Pine Island CEO Bill Haines came away with a good feeling about Ocean Spray’s direction.

“While there’s a lot of work to do, the atmosphere among the growers attending the meeting was positive,” Bill says. “We’re happy to see the energy and talent of Bobby’s new team: the reinvesting in renovation, reaching out to younger consumers, and positioning Ocean Spray for solid growth in the future.”

ACGA Winter Meeting 2019

This week the American Cranberry Growers Association once again held its annual winter meeting. The ACGA winter meeting is always a good opportunity for growers to listen to research findings from experiments during the previous growing season and the researchers’ recommendations for the 2019 growing season. In addition, it’s a great chance for the local cranberry community to catch up to each other after the busy harvest season.

Pine Island sent a big crew this year, and they all came away pleased with the experience. CEO Bill Haines thought this year was particularly good, and as always, enjoyed the the chance to sit down and chat with fellow growers at lunch. ““You can get as much from just having a conversation over lunch as you can from the presentation,” he says.

The rest of the team were equally glad they attended. “It was good to know about some regulatory changes that are coming up,” says Justin Ross. “Knowing what will and won’t be available now will help us plan things better for later.”

“I thought Thierry’s research with the effectiveness of of some treatments on red root was interesting,” says Matt Giberson. “I think more testing should be done on the timing of the application that would be most effective, though. Very interested to know more about how we can kill that swan loving devil weed.” One other side note he thought was interesting: how some treatments seem to greatly reduce yield when applied early in berry development. “From talking to Peter, it seems that it causes phytotoxicity to the flower making it less likely to produce fruit, hence the cause of pin fruit development.”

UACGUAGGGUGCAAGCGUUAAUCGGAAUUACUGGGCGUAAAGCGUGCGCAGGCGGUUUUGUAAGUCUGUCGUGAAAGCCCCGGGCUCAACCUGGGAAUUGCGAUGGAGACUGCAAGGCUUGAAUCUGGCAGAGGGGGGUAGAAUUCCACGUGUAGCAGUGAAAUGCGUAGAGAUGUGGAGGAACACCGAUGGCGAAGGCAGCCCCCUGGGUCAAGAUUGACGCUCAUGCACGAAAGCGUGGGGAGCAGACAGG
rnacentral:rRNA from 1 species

Newer team member Mike Scullion says, “I enjoyed learning about the management of red root in our bogs as that is an ongoing issue we are dealing with on our farm. My favorite part of the meeting, as always, is learning about the new varieties Nick Vorsa is working on. They are getting closer and closer to producing a strain of cranberry that not only has a higher resistance to fruit rot, but still has a higher yield.”

“I found Nakorn’s presentation really interesting,” says Mike Haines. “We know that we don’t want blunt-nosed leafhopper in the bogs, as they spread false blossom disease, but it was interesting to hear his hypotheses and thoughts on why this interaction occurs, like how the leafhoppers that feed on diseased plants end up being larger adults, and that nutrient levels are actually higher in infected plants.”

All in all, it was another productive day for our Pine Island team as well another excellent program put together by Dr. Cesar Rodriguez-Saona. Thank you, Cesar!

Ocean Spray Regional Meeting

This week, Ocean Spray held one of their regular regional meetings at the Philip E. Marucci Center for Blueberry and Cranberry Research to provide a business and cooperative update for New Jersey grower-owners. Not everyone manages to get to every Annual Growers Meeting, so it was a great chance to hear from CEO Bobby Chacko as well as several senior executives about where Ocean Spray is, where we’re going, and how we’re getting there!

Pine Island CEO and member of the Ocean Spray Board of Directors Bill Haines opened the meeting by introducing the management team. “Two things you can count on from this management team: one, they’re working hard, and two, they’ll tell us the truth,” he said.

Bobby said, upon his selection, “Ocean Spray’s story is close to nine decades old, but we are just getting started,” and everyone’s presentations this week are in line with that vision. We heard from Board Chairman Peter Dhillon, Bobby, and new senior executives Joseph Vanderstelt (SVP, Chief Financial Officer), Brian Schiegg (SVP, Chief Commercial Officer), and Jamie Head (Chief Information Officer), as well as board advisor Marla Gottschalk. Each speaker gave us a little bit of their background and what strengths they bring to Ocean Spray as an organization as well as their vision for the coop’s future. They touched upon supply, marketing, and the importance of emphasizing that the company is grower-owned, and spent a great deal of time answering questions both respectfully and openly.